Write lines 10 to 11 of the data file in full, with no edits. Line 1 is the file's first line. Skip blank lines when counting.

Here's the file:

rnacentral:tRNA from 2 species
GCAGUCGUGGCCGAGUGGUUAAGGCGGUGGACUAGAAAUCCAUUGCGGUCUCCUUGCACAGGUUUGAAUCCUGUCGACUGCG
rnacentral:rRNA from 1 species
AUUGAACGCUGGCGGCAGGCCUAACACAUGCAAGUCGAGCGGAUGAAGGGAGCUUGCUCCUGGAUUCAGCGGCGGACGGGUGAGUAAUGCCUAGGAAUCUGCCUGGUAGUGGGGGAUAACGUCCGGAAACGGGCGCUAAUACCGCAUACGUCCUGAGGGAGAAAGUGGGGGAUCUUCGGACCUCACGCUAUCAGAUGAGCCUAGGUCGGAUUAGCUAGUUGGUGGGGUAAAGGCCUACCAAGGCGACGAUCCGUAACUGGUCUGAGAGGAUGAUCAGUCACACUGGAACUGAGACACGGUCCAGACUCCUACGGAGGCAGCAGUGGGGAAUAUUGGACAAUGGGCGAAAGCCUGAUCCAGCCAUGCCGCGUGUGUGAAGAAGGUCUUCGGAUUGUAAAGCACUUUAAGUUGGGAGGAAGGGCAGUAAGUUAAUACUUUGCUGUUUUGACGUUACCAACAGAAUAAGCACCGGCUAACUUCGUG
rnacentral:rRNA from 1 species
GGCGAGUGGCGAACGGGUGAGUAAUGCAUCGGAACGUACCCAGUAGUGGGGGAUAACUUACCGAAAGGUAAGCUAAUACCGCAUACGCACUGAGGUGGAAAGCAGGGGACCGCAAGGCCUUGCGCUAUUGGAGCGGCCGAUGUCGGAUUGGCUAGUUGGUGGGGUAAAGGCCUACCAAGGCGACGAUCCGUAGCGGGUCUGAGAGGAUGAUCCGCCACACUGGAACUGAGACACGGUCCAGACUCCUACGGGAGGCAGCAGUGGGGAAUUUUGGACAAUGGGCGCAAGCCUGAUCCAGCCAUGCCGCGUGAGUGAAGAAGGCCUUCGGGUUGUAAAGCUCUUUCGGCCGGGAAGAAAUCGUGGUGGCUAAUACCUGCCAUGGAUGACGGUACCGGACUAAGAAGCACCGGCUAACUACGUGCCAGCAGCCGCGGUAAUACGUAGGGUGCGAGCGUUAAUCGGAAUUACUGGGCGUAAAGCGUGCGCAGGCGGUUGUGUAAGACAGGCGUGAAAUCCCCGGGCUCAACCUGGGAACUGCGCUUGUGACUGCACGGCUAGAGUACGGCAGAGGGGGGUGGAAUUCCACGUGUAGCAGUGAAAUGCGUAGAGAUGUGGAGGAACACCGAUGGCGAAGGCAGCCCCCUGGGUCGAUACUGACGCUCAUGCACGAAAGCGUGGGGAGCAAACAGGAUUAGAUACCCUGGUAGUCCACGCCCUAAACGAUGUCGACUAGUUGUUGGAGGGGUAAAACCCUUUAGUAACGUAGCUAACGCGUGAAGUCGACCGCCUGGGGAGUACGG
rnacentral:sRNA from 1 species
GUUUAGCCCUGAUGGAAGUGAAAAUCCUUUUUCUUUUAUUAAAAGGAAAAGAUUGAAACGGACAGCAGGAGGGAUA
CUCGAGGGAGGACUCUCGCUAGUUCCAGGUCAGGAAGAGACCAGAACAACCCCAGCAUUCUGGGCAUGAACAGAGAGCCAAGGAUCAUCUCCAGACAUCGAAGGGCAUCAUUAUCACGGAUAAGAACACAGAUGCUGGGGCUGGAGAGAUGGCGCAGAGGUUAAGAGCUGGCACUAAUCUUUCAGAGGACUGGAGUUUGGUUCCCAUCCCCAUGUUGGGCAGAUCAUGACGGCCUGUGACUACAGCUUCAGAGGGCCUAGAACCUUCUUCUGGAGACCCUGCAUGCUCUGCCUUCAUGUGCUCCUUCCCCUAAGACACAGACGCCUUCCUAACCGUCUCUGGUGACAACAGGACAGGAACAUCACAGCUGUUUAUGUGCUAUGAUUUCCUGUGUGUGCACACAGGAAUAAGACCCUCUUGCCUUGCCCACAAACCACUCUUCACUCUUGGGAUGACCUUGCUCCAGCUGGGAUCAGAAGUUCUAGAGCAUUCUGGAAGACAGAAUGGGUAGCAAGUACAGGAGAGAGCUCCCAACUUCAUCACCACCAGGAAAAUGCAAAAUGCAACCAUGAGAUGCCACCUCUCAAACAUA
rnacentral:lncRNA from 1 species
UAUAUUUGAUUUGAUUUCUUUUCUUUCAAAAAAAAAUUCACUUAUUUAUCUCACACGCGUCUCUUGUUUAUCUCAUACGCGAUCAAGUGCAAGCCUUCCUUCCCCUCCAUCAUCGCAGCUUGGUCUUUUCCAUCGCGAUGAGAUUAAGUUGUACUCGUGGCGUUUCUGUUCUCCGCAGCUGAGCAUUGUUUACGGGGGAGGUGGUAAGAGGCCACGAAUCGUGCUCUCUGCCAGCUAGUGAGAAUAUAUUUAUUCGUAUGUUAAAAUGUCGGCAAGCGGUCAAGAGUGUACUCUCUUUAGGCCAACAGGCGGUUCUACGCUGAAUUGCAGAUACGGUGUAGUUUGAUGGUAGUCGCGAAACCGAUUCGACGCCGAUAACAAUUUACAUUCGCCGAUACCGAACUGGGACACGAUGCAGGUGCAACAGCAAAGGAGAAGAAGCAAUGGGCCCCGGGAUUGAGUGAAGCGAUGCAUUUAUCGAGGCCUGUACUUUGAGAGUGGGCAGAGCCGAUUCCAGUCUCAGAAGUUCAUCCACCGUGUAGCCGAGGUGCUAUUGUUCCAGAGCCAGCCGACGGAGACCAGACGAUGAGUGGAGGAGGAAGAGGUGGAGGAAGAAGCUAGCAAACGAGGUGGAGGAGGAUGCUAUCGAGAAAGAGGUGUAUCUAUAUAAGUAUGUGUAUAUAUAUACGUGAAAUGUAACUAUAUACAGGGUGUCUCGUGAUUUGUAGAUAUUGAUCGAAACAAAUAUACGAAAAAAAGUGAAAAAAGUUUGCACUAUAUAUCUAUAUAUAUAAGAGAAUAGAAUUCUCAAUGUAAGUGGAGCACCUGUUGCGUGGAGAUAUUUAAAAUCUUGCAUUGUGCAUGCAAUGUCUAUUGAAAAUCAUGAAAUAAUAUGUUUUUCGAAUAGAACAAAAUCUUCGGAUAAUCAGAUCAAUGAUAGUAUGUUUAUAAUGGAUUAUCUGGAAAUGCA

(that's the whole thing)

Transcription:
rnacentral:lncRNA from 1 species
UAUAUUUGAUUUGAUUUCUUUUCUUUCAAAAAAAAAUUCACUUAUUUAUCUCACACGCGUCUCUUGUUUAUCUCAUACGCGAUCAAGUGCAAGCCUUCCUUCCCCUCCAUCAUCGCAGCUUGGUCUUUUCCAUCGCGAUGAGAUUAAGUUGUACUCGUGGCGUUUCUGUUCUCCGCAGCUGAGCAUUGUUUACGGGGGAGGUGGUAAGAGGCCACGAAUCGUGCUCUCUGCCAGCUAGUGAGAAUAUAUUUAUUCGUAUGUUAAAAUGUCGGCAAGCGGUCAAGAGUGUACUCUCUUUAGGCCAACAGGCGGUUCUACGCUGAAUUGCAGAUACGGUGUAGUUUGAUGGUAGUCGCGAAACCGAUUCGACGCCGAUAACAAUUUACAUUCGCCGAUACCGAACUGGGACACGAUGCAGGUGCAACAGCAAAGGAGAAGAAGCAAUGGGCCCCGGGAUUGAGUGAAGCGAUGCAUUUAUCGAGGCCUGUACUUUGAGAGUGGGCAGAGCCGAUUCCAGUCUCAGAAGUUCAUCCACCGUGUAGCCGAGGUGCUAUUGUUCCAGAGCCAGCCGACGGAGACCAGACGAUGAGUGGAGGAGGAAGAGGUGGAGGAAGAAGCUAGCAAACGAGGUGGAGGAGGAUGCUAUCGAGAAAGAGGUGUAUCUAUAUAAGUAUGUGUAUAUAUAUACGUGAAAUGUAACUAUAUACAGGGUGUCUCGUGAUUUGUAGAUAUUGAUCGAAACAAAUAUACGAAAAAAAGUGAAAAAAGUUUGCACUAUAUAUCUAUAUAUAUAAGAGAAUAGAAUUCUCAAUGUAAGUGGAGCACCUGUUGCGUGGAGAUAUUUAAAAUCUUGCAUUGUGCAUGCAAUGUCUAUUGAAAAUCAUGAAAUAAUAUGUUUUUCGAAUAGAACAAAAUCUUCGGAUAAUCAGAUCAAUGAUAGUAUGUUUAUAAUGGAUUAUCUGGAAAUGCA